In certain cases diamond fluorescence can negatively impact a diamond by making it appear hazy or oily when exposed to UV light (like the diamond pictured below). For this reason, it’s highly recommended that you see a diamond with Strong fluorescence in real life or videos of the diamond in natural sun light to determine if the diamond will exhibit these negative effects. For K color diamonds or lower, Strong fluorescence is often sought out to help offset the color saturation that exists within the diamond. The diamond pictured above is a J color with Strong fluorescence that looks great in natural sunlight. Typically, Strong fluorescence should be avoided in the higher color grades (D – G) as it is more likely to negatively impact these diamonds.
Recommended color grade pairings for Strong fluorescence: J or lower color grades, especially for faintly colored diamonds.
Very Strong fluorescence is rare and has a higher likelihood of negatively impacting a diamonds visual appearance by making the stone look hazy or oily. For this reason we don’t recommend you seek out Very Strong fluorescence.
Recommended color grade pairings for Very Strong fluorescence: none.
Negligible fluorescence is a grade specific to the AGS (American Gemological Society) which does not differentiate between None and Faint fluorescence. It is the grade given to diamonds that exhibit a minimal level of fluorescence and should not impact the appearance of the diamond much in any color grade.
Recommended color grade pairings for Negligible fluorescence: all diamond colors.
Diamond fluorescence is not necessarily good or bad. As mentioned above, in certain situations diamond fluorescence can help offset some of the color in lower color grade diamonds (like K color) and make those diamonds appear slightly whiter. Additionally, a small amount of fluorescence may make a diamond appear to have more “life”, meaning the diamonds look “more sparkly”. On the flip side, too strong of fluorescence can sometimes make a diamond look hazy or dull, but this is very rare.
Sunlight is approximately 10% UV light, which means that diamonds with fluorescent properties will exhibit their fluorescence slightly when exposed to sunlight.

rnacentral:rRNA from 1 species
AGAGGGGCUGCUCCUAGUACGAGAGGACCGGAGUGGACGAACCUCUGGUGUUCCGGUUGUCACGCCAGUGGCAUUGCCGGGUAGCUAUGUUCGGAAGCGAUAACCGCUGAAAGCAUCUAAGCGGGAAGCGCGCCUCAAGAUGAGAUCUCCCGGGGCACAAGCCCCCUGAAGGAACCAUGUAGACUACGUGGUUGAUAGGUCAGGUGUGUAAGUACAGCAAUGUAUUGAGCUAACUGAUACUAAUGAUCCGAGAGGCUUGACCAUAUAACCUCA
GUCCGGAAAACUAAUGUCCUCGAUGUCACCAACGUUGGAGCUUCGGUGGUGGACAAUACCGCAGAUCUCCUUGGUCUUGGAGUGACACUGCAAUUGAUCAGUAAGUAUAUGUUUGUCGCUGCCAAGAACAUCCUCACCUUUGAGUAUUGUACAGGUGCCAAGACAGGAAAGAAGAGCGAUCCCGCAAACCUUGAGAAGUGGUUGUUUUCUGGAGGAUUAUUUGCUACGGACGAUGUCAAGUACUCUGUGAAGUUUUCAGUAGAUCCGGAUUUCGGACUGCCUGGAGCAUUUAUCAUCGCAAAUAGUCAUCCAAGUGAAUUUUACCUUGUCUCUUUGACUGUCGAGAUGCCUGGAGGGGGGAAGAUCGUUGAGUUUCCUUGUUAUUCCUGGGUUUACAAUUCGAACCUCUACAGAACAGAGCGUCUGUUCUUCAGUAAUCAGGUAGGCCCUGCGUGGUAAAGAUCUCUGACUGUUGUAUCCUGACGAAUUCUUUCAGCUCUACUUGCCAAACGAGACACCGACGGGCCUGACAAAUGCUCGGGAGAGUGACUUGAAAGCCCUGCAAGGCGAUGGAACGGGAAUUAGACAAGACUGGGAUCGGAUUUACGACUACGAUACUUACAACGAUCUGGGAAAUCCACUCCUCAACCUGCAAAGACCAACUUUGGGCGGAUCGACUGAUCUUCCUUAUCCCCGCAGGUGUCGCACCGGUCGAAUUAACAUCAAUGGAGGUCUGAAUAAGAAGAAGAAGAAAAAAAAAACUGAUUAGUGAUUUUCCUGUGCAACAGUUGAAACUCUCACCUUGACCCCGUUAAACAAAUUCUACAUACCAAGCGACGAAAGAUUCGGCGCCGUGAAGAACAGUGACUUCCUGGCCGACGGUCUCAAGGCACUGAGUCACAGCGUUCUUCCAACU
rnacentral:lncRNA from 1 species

If the diamond has fluorescence of any level there is a chance you will notice it under UV lighting. The stronger the intensity of the fluorescence the more likely it will show strengths of fluorescence when exposed to black lights.
None fluorescence is a GIA designation that means the diamond has so little fluorescence that is it essentially nonexistent while Negligible fluorescence is a category specific to AGS certified diamonds that is basically a catchall category combining the GIA’s none and faint fluorescence categories.
Diamond fluorescence can come in a variety of colors but the most common and preferable is blue fluorescence. Some diamonds are listed as strong blue fluorescence, which just means that it has Strong fluorescence of the Blue variety. Other colors of diamond fluorescence include green, purple, orange, yellow, and white.
Picking out the perfect diamond is a lot of work. That’s why we founded StoneAlgo back in 2017 to help buyers find better value and higher quality diamonds. If you have any questions about the possible impact of fluorescence on a diamond’s physical appearance you can always chat us the GIA ID and images in the chat bubble on the bottom right of this page. Good luck with your search and let us know if we can help.